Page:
Damanek - On Track album review

Friends united for Guy Manning’s new project

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Guy Manning has become something of a latter-day prog legend. As ‘Manning’ he managed to serve up an album every year for the best part of 15 years, including stand-outs like Anser’s Tree and Margaret’s Children. His early association with The Tangent earned him significant props during a period when prog was genuinely out-of-fashion. His combination of Al Stewart-influenced storytelling and complex arrangements has already ensured an honoured place in the pantheon. His new project Damanek deserves to push him into wider exposure.

Damanek is, in many the respects, the fruit of friendship. Its name derives from the band members who’ve worked on and off with each other over many years: Toxic Smile’s Marek Arnold, Maschine’s Dan Mash and Manning. Thus, Damanek: DAn, MANning and MarEK. Sean Timms of Southern Empire completes the line-up.

What’s outstanding is its combination of confidence and skill.

The simplicity of concept ends there. On Track tackles bold themes, railing, by turns, about the state of the world, delving into mythologies, as well as crafting the occasional delicate piece of storytelling. Opener Nanabohzo And The Rainbow explores the story of a Native American trickster god and combines Manning’s uncanny gift for both groove and catchy refrains. The sweeping keys of Arnold and Timms take it stratospheric. Songs like Long Time Shadow Falls deal with the impact of humanity on the environment, while Big Parade doesn’t hold back in its critique of warmongering politicians. If Madison Blue is classic Manning territory – telling the story of a fictional girl in search of herself – On Track finishes with a 14-minute epic about pollution, Dark Sun.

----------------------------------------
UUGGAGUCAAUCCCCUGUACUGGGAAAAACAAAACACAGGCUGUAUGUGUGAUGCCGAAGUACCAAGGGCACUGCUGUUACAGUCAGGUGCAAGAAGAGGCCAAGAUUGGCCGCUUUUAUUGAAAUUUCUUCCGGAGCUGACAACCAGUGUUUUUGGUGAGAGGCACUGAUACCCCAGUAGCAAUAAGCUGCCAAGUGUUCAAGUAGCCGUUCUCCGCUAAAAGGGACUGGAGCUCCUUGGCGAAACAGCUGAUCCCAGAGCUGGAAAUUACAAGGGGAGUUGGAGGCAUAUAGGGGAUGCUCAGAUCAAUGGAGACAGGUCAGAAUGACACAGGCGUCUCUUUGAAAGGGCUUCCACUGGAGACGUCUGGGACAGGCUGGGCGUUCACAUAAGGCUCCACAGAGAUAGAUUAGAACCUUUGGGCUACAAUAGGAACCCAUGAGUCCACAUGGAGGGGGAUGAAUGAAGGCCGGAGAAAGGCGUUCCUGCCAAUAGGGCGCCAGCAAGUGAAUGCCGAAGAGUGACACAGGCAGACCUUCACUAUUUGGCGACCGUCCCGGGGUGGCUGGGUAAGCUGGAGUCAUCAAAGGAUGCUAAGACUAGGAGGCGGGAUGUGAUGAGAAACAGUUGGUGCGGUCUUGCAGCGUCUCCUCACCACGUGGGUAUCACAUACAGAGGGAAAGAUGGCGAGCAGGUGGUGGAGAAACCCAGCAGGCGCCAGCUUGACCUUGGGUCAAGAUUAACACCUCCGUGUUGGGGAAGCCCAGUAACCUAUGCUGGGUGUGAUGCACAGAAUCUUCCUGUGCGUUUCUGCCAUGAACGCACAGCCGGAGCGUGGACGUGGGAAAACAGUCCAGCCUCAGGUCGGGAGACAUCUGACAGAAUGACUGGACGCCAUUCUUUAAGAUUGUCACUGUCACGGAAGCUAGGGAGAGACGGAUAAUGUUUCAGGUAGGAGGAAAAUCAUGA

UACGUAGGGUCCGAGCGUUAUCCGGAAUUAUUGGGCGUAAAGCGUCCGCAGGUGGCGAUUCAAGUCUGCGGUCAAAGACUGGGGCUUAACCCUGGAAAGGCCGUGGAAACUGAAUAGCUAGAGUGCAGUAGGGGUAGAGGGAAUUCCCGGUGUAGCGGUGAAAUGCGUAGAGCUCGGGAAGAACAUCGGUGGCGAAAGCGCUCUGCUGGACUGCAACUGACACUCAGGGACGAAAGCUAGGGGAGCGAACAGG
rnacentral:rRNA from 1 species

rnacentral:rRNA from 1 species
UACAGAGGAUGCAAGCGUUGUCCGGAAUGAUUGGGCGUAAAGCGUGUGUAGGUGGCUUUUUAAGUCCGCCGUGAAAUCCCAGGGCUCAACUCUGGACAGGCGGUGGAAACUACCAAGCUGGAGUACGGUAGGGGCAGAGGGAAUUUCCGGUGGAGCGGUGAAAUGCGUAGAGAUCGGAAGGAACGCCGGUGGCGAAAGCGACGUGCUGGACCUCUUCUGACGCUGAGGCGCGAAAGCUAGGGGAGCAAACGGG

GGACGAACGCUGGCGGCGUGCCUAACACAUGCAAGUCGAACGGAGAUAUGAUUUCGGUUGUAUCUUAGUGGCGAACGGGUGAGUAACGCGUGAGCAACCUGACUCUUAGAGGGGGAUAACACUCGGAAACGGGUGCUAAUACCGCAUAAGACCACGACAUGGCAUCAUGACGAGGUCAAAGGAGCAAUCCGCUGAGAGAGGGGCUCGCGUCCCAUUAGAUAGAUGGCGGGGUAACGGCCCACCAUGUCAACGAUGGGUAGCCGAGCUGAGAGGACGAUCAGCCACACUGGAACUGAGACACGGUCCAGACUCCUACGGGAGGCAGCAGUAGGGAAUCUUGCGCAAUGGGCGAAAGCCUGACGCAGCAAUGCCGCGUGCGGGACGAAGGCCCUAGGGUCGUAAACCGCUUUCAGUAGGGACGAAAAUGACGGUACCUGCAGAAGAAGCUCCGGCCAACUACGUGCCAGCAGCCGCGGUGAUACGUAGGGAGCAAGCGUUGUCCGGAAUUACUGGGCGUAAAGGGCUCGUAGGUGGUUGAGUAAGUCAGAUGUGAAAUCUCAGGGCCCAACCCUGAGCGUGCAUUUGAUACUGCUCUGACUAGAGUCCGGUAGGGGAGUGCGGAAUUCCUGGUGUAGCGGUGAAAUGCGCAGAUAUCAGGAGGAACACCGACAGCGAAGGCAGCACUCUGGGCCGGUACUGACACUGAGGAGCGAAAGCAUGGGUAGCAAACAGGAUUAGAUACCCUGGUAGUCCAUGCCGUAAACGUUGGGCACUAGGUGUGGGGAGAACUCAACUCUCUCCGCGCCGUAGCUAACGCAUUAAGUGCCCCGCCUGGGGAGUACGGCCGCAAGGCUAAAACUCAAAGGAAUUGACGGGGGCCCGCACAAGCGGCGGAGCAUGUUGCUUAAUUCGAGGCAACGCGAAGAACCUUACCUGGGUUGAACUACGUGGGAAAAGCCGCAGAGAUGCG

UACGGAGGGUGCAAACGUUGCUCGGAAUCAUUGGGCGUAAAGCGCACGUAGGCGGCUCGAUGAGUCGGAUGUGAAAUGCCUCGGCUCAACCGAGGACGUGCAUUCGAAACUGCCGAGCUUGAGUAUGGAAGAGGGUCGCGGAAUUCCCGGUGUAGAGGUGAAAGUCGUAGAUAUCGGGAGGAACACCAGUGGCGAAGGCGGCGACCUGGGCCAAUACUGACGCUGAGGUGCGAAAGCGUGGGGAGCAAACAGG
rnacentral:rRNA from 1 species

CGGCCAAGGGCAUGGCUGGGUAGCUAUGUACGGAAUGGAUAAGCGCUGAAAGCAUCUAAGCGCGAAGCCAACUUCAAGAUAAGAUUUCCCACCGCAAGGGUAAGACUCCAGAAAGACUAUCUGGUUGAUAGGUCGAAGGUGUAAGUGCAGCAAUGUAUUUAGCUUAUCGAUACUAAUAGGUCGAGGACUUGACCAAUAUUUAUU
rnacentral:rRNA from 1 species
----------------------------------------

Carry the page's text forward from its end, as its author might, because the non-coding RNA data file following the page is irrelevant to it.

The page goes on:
This level of ambition might make On Track unfocused and overblown. However, Damanek are too skilled to let that happen. Certainly, Big Parade – with its oompah-march feel – is closer to silliness rather than satire, but what is outstanding about On Track is its combination of confidence and skill. Manning has never sounded more himself. On early albums, he occasionally channelled mid-era Ian Anderson. No more. The bolder production and the unifying presence of Mash, Arnold and Timms seems to have liberated him. Manning comes across as a man at peace with himself and his voice.

It helps, of course, when you have guest talents as extravagant as Luke Machin spraying pyro guitar over the tunage. However, without a presiding intelligence, individuals often add up to less than the sum of the parts. Manning supplies that and some. This album is rich, disciplined and damn catchy. Rather than being depressing, its handling of dark themes makes it a stirring call to arms.